Mazda's Skyactiv-X process combines these two types of engines into something it calls SPCCI, for SPark Controlled Compression Ignition. As the name implies, SPCCI utilizes both spark and compression ignition. In Skyactiv-X, a very lean mixture enters the engine during the intake stroke; how lean varies, but it can be more than twice as lean as the 14.7:1 in a standard engine. Near the end of the compression stroke, additional fuel gets squirted right near the spark plug. The plug then ignites this denser mixture, and the pressure wave from that ignition then raises the effective internal pressure of the cylinder high enough to cause compression ignition of the rest of the mixture. This is worth repeating: The spark ignites part of the mixture, but it's the pressure wave from that combustion that causes compression ignition of the rest of the charge, not the spark itself.

Mazda of course has taken additional steps to precisely control this complicated system. A sensor in each cylinder monitors internal pressures, and correspondingly adjusts fuel delivery to keep it optimal. To squirt fuel into the cylinder while it's compressing means very high pressure must be used, so Skyactiv-X uses a special fuel injection system similar to the kind used on modern diesel engines. And finally, in order to ensure that a constant flow of air is delivered to the engine, Skyactiv-X employs a supercharger to stabilize airflow when the engine is above half-load, gradually adding more boost as needed. There are also certain circumstances where the engine does run purely on spark, mainly at cold starts, and at the very highest revs.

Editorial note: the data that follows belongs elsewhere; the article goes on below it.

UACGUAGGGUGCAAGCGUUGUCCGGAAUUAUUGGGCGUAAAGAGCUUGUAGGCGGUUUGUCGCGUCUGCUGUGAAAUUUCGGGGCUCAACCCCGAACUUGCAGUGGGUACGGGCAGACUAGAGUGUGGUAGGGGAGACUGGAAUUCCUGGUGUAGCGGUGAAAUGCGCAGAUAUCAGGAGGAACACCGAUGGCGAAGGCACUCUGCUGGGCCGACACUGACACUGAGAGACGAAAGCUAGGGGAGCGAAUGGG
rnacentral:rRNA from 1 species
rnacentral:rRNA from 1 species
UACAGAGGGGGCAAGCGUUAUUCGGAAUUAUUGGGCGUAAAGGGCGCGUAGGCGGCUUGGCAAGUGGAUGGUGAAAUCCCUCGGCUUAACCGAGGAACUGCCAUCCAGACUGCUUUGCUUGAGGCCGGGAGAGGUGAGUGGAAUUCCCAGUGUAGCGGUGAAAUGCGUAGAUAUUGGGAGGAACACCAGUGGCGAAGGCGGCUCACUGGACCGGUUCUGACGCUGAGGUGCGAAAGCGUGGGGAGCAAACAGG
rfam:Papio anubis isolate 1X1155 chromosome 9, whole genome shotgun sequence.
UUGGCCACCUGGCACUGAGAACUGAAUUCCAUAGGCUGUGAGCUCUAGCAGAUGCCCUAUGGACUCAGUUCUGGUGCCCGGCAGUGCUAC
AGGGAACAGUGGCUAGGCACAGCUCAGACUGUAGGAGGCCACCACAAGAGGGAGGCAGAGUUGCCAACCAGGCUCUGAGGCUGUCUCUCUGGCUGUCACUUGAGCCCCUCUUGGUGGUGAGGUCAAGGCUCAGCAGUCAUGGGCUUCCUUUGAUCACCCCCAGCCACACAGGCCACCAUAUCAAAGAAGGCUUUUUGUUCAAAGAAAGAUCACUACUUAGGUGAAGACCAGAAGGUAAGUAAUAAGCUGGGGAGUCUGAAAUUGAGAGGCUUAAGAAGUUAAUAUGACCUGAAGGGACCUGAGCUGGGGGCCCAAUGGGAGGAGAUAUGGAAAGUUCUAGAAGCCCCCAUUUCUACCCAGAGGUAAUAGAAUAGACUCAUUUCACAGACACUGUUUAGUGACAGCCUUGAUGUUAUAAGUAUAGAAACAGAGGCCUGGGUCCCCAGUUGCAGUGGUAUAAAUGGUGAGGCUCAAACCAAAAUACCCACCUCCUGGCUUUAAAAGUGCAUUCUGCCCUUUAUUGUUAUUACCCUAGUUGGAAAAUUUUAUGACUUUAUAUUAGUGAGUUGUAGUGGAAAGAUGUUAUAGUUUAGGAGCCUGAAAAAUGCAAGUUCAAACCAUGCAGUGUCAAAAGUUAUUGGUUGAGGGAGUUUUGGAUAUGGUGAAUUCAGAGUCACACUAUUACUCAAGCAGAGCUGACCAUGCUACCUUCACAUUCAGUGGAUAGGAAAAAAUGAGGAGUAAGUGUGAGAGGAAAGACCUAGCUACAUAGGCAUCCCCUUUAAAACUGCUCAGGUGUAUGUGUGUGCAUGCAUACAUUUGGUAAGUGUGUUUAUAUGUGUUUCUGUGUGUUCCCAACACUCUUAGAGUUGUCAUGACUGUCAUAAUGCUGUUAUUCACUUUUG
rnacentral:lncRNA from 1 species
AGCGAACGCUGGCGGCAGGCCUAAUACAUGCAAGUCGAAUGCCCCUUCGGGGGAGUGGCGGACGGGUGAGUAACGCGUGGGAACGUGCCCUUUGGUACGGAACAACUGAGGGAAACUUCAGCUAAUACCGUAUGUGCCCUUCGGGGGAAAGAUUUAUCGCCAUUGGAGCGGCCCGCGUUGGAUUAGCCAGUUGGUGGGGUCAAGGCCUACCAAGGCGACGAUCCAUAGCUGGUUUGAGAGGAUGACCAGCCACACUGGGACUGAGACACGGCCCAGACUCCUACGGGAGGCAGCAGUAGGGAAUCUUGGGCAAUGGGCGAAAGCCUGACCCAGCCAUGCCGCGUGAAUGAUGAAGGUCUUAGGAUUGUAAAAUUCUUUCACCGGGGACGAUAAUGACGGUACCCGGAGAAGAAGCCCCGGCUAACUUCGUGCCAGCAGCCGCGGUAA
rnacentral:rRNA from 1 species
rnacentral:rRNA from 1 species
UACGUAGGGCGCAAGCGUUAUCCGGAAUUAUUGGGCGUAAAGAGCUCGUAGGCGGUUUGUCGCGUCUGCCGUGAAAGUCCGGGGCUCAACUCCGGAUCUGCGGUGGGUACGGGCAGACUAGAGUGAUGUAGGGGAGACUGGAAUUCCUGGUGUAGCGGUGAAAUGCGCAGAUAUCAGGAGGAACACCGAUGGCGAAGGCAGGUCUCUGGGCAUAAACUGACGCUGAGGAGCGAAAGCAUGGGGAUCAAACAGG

Does It Work?

We drove prototypes of the Skyactiv-X engines, equipped with both manual and automatic transmissions. The engines sounded similar to the Skyactiv-G you currently see in a Mazda3. At speed on the Autobahn, we noticed especially in the manual transmission model there was good low-end torque, good enough to accelerate the Skyactiv-X car nicely from 100 km/h to 160 km/h (about 62-100 mph) without relying on a downshift. Throttle response while at speed and from a standstill felt better than the standard engine as well. However, we also noticed a lot of pinging and knocking noises from underhood when transitioning from idle or very light throttle to more fuel. Mazda says that it's working on smoothing out this part of the engine's response. Also, at full throttle power didn't always feel very smooth, and again, this is due to the prototype nature of the engines. At the end of our test drives we were provided with fuel economy comparisons. While the numbers between the drivers varied, the average fuel economy gain on these prototype engines was about 13.7 mpg for the manual transmission cars, and 14.1 for the automatics. That improvement comes with more power and torque, mind you.

This engine will undoubtedly be more expensive to build because of the addition of the supercharger, high-pressure fuel system, and cylinder pressure sensors, not to mention the additional computing power needed to make it run right; when Skyactiv-X makes its way to passenger cars sometime in 2019, expect those cars to cost more. We also have to take Mazda at its word with those fuel economy numbers, since we can't independently verify them. While our seat-of-the-pants power and torque impressions were positive, Mazda isn't backing them up with any hard numbers yet.

Caveats aside, this is some pretty promising technology. Overall it felt more refined and finished than we would've expected for prototype versions of fairly advanced technology. Pinging aside, it also felt and sounded perfectly normal most of the time. Mazda says it will have no problem adapting the engine to hybrid powertrains in the future; Skyactiv-X is already a mild hybrid, with a motor-generator in lieu of a starter. It's too early to say that this is the engine of the future, but it's an example of how, thanks to technology, that futurescape will have more gasoline engines than you might expect.